Dixie National Forest is a United States National Forest in Utah with headquarters in Cedar City. It occupies almost two acres and stretches for about 170 miles across southern Utah. The largest national forest in Utah, it straddles the divide between the Great Basin and the Colorado River, in descending order of forestland area it is located in parts of Garfield, Iron, Kane and Piute counties. The majority of forest acreage lies in Garfield County, there are local ranger district offices in Cedar City, Panguitch, St. George, and Teasdale. Elevations vary from 2,800 feet above sea level near St. George, the southern rim of the Great Basin, near the Colorado River, provides spectacular scenery. Colorado River canyons are made up of multi-colored cliffs and steep-walled gorges, the Forest is divided into four geographic areas. High altitude forests in gently rolling hills characterize the Markagunt, Boulder Mountain, one of the largest high-elevation plateaus in the United States, is dotted with hundreds of small lakes 10,000 to 11,000 feet above sea level.
The forest includes the Pine Valley Mountains north of St. George The Forest has many climatic extremes, precipitation ranges from 10 inches in the lower elevations to more than 40 inches per year near Brian Head Peak 11,307 feet. At the higher elevations, most of the precipitation falls as snow. Thunderstorms are common during July and August and produce heavy rains, in some areas, August is the wettest month of the year. Temperature extremes can be impressive, with temperatures exceeding 100 degrees Fahrenheit near St. George. The vegetation of the Forest grades from sparse, desert-type plants at the elevations to stand of low-growing pinyon pine. At the higher elevations and conifers such as pine, the Dixie Forest Reserve was established on September 25,1905 by the General Land Office. The name was derived from the description of the warm southern part of Utah as Dixie. In 1906 the U. S. Forest Service assumed responsibility for the lands, the western part of Sevier National Forest was added on July 1,1922, and all of Powell National Forest on October 1,1944.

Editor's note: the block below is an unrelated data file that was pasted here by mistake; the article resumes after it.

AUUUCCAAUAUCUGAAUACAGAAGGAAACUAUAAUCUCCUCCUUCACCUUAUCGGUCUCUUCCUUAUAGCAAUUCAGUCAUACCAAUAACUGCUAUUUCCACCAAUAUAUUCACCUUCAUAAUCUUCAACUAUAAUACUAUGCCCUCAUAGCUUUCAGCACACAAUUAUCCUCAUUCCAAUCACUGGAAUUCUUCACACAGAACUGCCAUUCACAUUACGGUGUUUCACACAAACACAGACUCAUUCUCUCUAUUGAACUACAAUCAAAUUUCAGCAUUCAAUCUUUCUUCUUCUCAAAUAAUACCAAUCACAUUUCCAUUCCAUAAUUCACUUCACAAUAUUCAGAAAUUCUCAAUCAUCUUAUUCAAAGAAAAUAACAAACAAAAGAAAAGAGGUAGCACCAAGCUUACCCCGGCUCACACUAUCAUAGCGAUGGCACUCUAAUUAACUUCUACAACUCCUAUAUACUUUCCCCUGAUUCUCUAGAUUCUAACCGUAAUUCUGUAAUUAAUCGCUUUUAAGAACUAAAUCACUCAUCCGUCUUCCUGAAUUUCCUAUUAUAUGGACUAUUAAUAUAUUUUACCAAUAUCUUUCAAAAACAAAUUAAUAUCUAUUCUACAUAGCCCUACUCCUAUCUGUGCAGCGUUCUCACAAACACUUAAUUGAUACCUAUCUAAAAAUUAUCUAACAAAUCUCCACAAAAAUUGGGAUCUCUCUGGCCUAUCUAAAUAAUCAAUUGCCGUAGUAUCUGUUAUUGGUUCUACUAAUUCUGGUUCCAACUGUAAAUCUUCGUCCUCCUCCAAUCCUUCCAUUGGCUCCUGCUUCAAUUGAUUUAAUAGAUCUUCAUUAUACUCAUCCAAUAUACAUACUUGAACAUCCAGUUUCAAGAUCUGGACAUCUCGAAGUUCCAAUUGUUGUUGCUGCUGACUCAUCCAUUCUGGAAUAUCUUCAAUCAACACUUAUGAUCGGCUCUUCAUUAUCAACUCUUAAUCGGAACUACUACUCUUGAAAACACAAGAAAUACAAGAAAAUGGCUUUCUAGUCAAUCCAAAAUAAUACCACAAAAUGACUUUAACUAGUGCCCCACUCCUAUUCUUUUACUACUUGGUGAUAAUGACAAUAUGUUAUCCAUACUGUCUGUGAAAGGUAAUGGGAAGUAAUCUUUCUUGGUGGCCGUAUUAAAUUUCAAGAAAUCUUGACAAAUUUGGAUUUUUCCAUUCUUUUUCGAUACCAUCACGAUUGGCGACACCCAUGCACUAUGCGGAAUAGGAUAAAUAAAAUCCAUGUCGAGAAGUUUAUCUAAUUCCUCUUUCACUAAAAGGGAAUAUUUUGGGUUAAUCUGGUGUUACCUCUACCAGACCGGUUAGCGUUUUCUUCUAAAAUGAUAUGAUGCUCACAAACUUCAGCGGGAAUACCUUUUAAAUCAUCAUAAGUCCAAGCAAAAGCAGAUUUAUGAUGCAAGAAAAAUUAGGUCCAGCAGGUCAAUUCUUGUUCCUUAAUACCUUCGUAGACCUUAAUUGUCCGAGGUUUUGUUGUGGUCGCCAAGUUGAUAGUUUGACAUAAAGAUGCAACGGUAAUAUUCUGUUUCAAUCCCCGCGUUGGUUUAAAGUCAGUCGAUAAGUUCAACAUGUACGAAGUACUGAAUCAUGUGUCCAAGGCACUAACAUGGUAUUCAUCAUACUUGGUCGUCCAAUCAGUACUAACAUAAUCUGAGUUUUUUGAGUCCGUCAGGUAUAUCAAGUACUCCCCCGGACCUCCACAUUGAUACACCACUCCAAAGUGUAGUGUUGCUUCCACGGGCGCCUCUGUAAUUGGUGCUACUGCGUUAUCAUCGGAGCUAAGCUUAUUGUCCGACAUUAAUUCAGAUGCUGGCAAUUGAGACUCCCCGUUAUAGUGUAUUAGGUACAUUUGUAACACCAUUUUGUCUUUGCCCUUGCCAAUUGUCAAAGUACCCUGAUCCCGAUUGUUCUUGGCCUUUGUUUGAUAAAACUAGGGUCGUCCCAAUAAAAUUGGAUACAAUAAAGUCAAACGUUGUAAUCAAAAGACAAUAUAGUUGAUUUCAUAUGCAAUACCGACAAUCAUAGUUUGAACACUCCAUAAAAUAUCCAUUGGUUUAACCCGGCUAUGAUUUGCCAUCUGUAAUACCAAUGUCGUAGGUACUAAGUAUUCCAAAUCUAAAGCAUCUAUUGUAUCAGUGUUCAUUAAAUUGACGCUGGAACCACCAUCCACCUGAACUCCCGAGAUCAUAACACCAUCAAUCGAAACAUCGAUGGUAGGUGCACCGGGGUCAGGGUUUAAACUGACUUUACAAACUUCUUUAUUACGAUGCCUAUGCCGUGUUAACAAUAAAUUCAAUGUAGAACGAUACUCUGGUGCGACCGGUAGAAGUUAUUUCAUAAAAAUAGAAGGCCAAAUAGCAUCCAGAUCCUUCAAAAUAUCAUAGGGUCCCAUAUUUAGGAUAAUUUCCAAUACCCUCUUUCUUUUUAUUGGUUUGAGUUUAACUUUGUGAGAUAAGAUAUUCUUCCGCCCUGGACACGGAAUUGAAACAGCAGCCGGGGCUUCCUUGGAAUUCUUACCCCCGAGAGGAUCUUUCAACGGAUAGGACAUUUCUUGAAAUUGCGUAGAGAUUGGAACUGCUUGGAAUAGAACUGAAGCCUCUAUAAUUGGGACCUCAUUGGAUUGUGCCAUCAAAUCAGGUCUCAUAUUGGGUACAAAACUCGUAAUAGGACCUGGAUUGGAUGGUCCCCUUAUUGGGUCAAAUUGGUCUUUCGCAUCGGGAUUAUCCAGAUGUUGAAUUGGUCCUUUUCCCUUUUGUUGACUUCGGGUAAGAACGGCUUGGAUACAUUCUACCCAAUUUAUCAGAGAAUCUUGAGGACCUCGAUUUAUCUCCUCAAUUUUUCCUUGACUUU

There are four designated wilderness areas within Dixie National Forest that are part of the National Wilderness Preservation System
Sandstone is a clastic sedimentary rock composed mainly of sand-sized minerals or rock grains. Most sandstone is composed of quartz or feldspar because these are the most common minerals in the Earths crust, like sand, sandstone may be any color, but the most common colors are tan, yellow, grey, pink and black. Since sandstone beds often form highly visible cliffs and other topographic features, quartz-bearing sandstone is converted into quartzite through heating and pressure, usually related to tectonic compression within orogenic belts. They are formed from cemented grains that may either be fragments of a rock or be mono-minerallic crystals. The cements binding these grains together are typically calcite, grain sizes in sands are defined within the range of 0.0625 mm to 2 mm. The formation of sandstone involves two principal stages, first, a layer or layers of sand accumulates as the result of sedimentation, either from water or from air. Typically, sedimentation occurs by the settling out from suspension.
The most common cementing materials are silica and calcium carbonate, which are derived either from dissolution or from alteration of the sand after it was buried. Colours will usually be tan or yellow, a predominant additional colourant in the southwestern United States is iron oxide, which imparts reddish tints ranging from pink to dark red, with additional manganese imparting a purplish hue. Red sandstones are seen in the Southwest and West of Britain, as well as central Europe. The regularity of the latter favours use as a source for masonry, either as a building material or as a facing stone. These physical properties allow the grains to survive multiple recycling events. Quartz grains evolve from rock, which are felsic in origin. Feldspathic framework grains are commonly the second most abundant mineral in sandstones, Feldspar can be divided into two smaller subdivisions, alkali feldspars and plagioclase feldspars. The different types of feldspar can be distinguished under a petrographic microscope, below is a description of the different types of feldspar.
Alkali feldspar is a group of minerals in which the composition of the mineral can range from KAlSi3O8 to NaAlSi3O8. Plagioclase feldspar is a group of solid solution minerals that range in composition from NaAlSi3O8 to CaAl2Si2O8. Lithic framework grains are pieces of ancient source rock that have yet to weather away to individual mineral grains, accessory minerals are all other mineral grains in a sandstone, commonly these minerals make up just a small percentage of the grains in a sandstone